Last update: Apr 1, 2000
Speaker: Andreas GellrichThe HERA-B experiment is currently preparing for its first physics run with the full detector installed, which will start beginning 2000. The main goal is to study CP violation in decays of neutral B mesons into $J/\Psi K^0_s$ and subsequently into two leptons and two pions.
HERA-B's DAQ and trigger system exploits four levels to select a rate of less than 1 Hz of interesting physics events from an initial event rate of 10 MHz with on average four overlaying interactions per event.
To allow for immediate data analysis and to avoid time-consuming re-processing of data, events will be reconstructed online in level-4 of the DAQ and trigger system before being logged to tape.
Since trigger efficiency and background suppression depend heavily on the quality of calibration and alignment of the detector components, online monitoring and updating of the database is foreseen. During event reconstruction, quantities which are needed for calibration and alignment are derived and sent to a central destination. By making use of the data coming from the reconstruction jobs, constants are updated. If necessary, new constants are distributed to the reconstruction processes as well as to the level-2/3 trigger system.
The large computing power of the level-4 farm is used for re-processing during data taking breaks.
Online event reconstruction is performed on the fourth level of the DAQ and trigger system on a PC farm. To process events at a rate of 50 Hz with processing times of typically 4 sec per event, 200 CPUs are needed and will be installed until end 1999. For the farm nodes standard dual-CPU PCs were chosen which are equipped with Intel Pentium III/500MHz processors and hard-disks. Networking is as well exploiting off-the-shelf components. The level-4 farm nodes are grouped into eight so-called mini-farms and are connected via Fast-Ethernet switches. The data link to mass storage media is realized by means of GigaBit-Ethernet.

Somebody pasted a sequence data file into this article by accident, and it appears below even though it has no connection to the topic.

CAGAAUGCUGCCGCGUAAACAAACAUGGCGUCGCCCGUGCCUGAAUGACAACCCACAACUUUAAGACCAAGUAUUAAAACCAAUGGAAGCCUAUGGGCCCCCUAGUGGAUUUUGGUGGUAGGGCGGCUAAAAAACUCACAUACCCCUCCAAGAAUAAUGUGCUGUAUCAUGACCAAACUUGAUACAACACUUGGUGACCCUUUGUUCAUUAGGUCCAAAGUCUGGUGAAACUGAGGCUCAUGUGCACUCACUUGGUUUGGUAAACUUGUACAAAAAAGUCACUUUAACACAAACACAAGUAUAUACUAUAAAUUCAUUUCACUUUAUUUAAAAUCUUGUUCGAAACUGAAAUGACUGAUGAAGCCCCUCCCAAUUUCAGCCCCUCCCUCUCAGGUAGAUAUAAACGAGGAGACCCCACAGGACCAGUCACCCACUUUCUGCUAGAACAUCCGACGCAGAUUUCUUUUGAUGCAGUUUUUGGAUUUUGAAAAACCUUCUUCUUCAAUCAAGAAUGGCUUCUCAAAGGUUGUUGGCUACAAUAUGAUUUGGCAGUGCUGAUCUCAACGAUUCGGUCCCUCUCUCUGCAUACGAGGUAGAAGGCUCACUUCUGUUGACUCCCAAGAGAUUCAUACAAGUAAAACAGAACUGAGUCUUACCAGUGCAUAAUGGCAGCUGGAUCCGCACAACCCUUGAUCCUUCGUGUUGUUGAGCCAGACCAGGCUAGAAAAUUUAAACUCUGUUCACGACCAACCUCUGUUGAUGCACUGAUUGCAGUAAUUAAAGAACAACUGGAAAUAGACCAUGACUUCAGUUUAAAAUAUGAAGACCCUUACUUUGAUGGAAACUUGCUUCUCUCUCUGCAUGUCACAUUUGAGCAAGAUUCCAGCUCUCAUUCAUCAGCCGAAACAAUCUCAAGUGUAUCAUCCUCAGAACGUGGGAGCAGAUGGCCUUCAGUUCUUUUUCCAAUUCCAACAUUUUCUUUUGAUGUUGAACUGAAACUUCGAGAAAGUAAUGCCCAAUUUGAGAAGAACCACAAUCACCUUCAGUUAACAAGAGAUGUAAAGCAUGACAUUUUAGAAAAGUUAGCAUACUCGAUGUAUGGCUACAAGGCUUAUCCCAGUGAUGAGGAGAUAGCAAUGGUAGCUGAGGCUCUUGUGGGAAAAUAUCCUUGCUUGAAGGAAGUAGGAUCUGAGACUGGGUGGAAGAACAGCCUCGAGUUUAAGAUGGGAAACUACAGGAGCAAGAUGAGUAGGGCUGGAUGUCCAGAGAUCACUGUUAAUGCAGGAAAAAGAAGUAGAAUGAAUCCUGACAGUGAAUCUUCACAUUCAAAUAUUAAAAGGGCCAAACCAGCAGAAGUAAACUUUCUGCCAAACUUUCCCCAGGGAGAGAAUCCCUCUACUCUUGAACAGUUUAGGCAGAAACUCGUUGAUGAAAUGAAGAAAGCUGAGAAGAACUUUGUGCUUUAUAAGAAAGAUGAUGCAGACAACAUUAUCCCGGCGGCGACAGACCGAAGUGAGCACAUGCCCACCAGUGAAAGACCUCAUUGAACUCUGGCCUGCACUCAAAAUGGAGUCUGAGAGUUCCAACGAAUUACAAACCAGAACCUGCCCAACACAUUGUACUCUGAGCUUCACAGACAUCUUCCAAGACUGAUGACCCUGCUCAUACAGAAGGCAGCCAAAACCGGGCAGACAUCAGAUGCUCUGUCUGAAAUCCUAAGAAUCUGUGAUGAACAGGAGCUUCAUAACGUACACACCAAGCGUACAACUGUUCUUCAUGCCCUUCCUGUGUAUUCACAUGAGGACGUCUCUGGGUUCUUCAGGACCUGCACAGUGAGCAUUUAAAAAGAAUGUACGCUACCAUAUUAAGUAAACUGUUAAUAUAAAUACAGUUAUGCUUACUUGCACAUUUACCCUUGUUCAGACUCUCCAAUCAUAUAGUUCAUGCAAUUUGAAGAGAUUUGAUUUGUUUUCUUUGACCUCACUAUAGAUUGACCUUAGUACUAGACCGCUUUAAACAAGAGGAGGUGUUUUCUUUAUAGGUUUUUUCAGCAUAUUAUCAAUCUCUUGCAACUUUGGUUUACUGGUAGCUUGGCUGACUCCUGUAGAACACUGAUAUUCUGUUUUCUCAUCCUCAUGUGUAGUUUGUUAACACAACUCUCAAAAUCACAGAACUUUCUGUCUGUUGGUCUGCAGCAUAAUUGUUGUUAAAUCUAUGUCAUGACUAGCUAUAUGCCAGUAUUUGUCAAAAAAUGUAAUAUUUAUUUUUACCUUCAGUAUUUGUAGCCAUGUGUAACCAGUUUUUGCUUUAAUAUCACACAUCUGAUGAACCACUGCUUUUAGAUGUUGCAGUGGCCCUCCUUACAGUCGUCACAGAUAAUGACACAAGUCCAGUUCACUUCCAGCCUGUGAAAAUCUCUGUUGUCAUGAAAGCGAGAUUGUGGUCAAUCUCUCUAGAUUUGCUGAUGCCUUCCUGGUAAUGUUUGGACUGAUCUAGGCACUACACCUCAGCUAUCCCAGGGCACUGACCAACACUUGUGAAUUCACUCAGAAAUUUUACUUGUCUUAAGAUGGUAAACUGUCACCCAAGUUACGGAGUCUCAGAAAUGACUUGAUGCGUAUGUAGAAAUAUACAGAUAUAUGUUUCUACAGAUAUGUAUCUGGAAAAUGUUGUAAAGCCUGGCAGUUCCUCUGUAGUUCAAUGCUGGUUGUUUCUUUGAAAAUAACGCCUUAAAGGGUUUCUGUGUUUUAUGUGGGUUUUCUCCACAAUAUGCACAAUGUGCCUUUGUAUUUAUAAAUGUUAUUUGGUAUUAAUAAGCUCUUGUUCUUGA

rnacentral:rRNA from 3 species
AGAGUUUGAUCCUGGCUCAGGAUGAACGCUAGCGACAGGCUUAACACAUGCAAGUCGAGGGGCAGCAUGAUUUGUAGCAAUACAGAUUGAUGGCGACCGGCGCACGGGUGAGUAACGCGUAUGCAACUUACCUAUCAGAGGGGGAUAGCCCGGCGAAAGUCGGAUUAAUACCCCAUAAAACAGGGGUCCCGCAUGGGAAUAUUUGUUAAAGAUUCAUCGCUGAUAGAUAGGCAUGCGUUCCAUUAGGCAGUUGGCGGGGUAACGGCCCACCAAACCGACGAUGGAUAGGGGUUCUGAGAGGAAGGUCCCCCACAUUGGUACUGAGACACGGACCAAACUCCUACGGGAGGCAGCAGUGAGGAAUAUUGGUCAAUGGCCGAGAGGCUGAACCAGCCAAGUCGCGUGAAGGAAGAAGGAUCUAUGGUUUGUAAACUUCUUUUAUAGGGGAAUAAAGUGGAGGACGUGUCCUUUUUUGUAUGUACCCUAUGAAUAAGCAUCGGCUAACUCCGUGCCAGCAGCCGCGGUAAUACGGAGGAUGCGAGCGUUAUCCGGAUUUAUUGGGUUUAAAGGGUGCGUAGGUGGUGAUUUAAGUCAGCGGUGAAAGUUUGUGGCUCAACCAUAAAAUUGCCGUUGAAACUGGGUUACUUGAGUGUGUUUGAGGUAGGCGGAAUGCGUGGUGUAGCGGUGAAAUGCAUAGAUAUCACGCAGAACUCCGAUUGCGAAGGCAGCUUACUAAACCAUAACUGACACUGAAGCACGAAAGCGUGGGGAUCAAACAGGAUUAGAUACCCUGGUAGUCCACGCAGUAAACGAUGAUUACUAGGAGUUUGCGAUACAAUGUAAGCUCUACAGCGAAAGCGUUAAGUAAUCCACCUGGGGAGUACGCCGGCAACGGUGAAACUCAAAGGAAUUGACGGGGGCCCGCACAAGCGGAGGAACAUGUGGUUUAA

The usage of Linux as a Unix-like operating system, which has become a standard for software developments and data analysis in HEP, allows to give up the separation line between online and offline software. Reconstruction programs as well as calibration, alignment, and monitoring software, which was developed for offline purposes, can be directly used on the level-4 farm without modifications.
In the contribution to CHEP2000 concept and implementation as well as results on the performance of the online reconstruction farm will be presented and discussed. Main emphasis will be put on HERA-B's first physics running period with the complete detector, starting beginning of 2000.
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